Governor Carney’s Letter About Basic Special Education Funding For K-3 Is Wishy Washy At Best

I received a letter from Governor Carney in my email today.  So did over 900 other Delaware citizens.  Two months ago, a push was made to send letters to Governor Carney concerning House Substitute 1 for House Bill 12.  This is the pending legislation which would provide Basic Special Education Funding for students with disabilities in Kindergarten to 3rd grade.  The state provides extra special education funding for all other students with disabilities who have an IEP, so why not these students who are just getting their start in elementary education?

For years, I have been advocating for this funding.  So has Rep. Kim Williams.  This is the second go-around with this legislation.  House Bill 30, from the 148th General Assembly, sat around in the Appropriations Committee from early 2015 until June 30th, 2016 and died.  I have yet to meet anyone who thinks this bill is a bad idea.  I understand we have a deficit Governor Carney, but the purpose of state funding should have a top priority of those who need it the most.  These students fit that criteria.  Response to Intervention does not take care of these students’ needs, nor as it designed to.  Please don’t perpetuate this myth.  You did not include it in your proposed budget and I am calling foul on that oversight.  I pray our elected officials in the General Assembly have the common sense to put children first when they approve the budget for Fiscal Year 2018.  They are the future of Delaware.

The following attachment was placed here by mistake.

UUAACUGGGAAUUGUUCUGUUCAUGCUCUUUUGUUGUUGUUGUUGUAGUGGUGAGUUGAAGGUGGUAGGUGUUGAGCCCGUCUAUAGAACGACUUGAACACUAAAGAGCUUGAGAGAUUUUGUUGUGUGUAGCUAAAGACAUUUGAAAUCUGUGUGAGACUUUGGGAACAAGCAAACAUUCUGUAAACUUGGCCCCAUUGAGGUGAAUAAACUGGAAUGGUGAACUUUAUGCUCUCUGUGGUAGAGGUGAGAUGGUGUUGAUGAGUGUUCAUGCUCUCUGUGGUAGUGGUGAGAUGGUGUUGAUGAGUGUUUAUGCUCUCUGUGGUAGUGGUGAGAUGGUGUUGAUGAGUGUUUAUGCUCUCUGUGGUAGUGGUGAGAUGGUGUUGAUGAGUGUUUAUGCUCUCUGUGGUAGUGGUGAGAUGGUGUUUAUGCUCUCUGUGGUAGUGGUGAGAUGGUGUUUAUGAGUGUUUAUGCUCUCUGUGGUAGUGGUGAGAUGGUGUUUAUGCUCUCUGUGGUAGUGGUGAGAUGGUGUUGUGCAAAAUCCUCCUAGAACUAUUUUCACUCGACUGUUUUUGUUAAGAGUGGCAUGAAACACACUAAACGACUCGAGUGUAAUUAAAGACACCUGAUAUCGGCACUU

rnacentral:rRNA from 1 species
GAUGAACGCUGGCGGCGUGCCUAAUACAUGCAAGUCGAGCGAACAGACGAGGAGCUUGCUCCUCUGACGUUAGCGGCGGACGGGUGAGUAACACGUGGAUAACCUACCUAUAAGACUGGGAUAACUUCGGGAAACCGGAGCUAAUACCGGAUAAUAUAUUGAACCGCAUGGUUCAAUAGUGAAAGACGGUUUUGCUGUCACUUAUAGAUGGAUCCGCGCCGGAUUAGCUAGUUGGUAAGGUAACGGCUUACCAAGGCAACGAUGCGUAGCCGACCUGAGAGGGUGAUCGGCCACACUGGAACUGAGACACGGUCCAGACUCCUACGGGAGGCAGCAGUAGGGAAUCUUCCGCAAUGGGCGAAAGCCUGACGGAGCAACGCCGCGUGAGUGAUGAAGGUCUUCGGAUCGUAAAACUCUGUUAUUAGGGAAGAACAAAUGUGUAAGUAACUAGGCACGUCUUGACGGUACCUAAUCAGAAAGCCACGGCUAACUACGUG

The letter was dated March 7th, 2017, but I just received it today.  I won’t bicker about that, but it is noteworthy.  What I will mention is Governor Carney’s refusal to commit to this funding.  I just don’t get it.  It is a no-brainer and everyone knows it.  Who is lobbying against this bill behind the scenes?

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2016 September 30th Report Shows 4% Increase In Special Education, 7.8% Increase For Charter Enrollment

The Delaware Department of Education came out with the 2016 September 30th Enrollment Report.  This document shows the head count for each school district and charter school in Delaware public schools.  As I predicted, special education students rose again this year.  To qualify for special education, a student must have an Individualized Education Program (IEP).  With the exception of vocational schools, both the traditional school districts and charter schools went up in enrollment statewide.  The growth for traditional school districts was anemic at best, with only a .32% increase from last year.  Overall state enrollment went up by .9%.  Once again, charter schools saw the greatest growth with a rise of 7.8% over last year.  No new charter schools opened this year, however many submitted modifications last year to increase enrollments and grades in one case.  Other charter schools began new grades this year based on their approved charters.  Some districts saw very steady growth but others saw continuing drops. Continue reading “2016 September 30th Report Shows 4% Increase In Special Education, 7.8% Increase For Charter Enrollment”

***UPDATED***Delaware Approves $20.7 Million So Markell & Sokola Can Have Safe Bike Rides But Ignore Special Education Funding Bill?